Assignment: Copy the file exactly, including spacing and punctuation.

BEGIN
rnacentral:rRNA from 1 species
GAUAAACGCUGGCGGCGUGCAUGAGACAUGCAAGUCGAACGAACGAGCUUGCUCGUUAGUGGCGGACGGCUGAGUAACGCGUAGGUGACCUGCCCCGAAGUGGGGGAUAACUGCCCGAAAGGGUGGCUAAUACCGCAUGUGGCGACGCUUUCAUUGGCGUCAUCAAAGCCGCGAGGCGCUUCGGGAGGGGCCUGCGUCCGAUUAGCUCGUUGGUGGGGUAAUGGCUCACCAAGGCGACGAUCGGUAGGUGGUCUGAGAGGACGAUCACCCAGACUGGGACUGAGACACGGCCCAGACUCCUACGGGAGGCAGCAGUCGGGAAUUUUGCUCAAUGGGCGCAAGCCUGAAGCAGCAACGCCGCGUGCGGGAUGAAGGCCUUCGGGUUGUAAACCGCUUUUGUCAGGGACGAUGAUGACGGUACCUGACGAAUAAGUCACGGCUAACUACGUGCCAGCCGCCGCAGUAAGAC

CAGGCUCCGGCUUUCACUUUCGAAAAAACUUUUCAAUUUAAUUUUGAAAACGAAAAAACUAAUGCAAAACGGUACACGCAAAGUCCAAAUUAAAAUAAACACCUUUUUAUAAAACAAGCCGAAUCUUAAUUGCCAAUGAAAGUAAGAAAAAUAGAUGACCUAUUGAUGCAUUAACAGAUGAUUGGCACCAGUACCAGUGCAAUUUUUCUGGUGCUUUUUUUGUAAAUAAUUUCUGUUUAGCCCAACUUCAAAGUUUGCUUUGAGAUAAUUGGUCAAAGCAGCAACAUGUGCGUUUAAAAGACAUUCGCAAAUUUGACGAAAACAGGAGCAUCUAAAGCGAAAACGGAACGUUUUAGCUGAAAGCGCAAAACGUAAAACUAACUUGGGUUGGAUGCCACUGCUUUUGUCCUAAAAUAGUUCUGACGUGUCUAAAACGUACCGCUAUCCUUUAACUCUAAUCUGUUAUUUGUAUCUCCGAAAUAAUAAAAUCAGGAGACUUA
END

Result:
rnacentral:rRNA from 1 species
GAUAAACGCUGGCGGCGUGCAUGAGACAUGCAAGUCGAACGAACGAGCUUGCUCGUUAGUGGCGGACGGCUGAGUAACGCGUAGGUGACCUGCCCCGAAGUGGGGGAUAACUGCCCGAAAGGGUGGCUAAUACCGCAUGUGGCGACGCUUUCAUUGGCGUCAUCAAAGCCGCGAGGCGCUUCGGGAGGGGCCUGCGUCCGAUUAGCUCGUUGGUGGGGUAAUGGCUCACCAAGGCGACGAUCGGUAGGUGGUCUGAGAGGACGAUCACCCAGACUGGGACUGAGACACGGCCCAGACUCCUACGGGAGGCAGCAGUCGGGAAUUUUGCUCAAUGGGCGCAAGCCUGAAGCAGCAACGCCGCGUGCGGGAUGAAGGCCUUCGGGUUGUAAACCGCUUUUGUCAGGGACGAUGAUGACGGUACCUGACGAAUAAGUCACGGCUAACUACGUGCCAGCCGCCGCAGUAAGAC

CAGGCUCCGGCUUUCACUUUCGAAAAAACUUUUCAAUUUAAUUUUGAAAACGAAAAAACUAAUGCAAAACGGUACACGCAAAGUCCAAAUUAAAAUAAACACCUUUUUAUAAAACAAGCCGAAUCUUAAUUGCCAAUGAAAGUAAGAAAAAUAGAUGACCUAUUGAUGCAUUAACAGAUGAUUGGCACCAGUACCAGUGCAAUUUUUCUGGUGCUUUUUUUGUAAAUAAUUUCUGUUUAGCCCAACUUCAAAGUUUGCUUUGAGAUAAUUGGUCAAAGCAGCAACAUGUGCGUUUAAAAGACAUUCGCAAAUUUGACGAAAACAGGAGCAUCUAAAGCGAAAACGGAACGUUUUAGCUGAAAGCGCAAAACGUAAAACUAACUUGGGUUGGAUGCCACUGCUUUUGUCCUAAAAUAGUUCUGACGUGUCUAAAACGUACCGCUAUCCUUUAACUCUAAUCUGUUAUUUGUAUCUCCGAAAUAAUAAAAUCAGGAGACUUA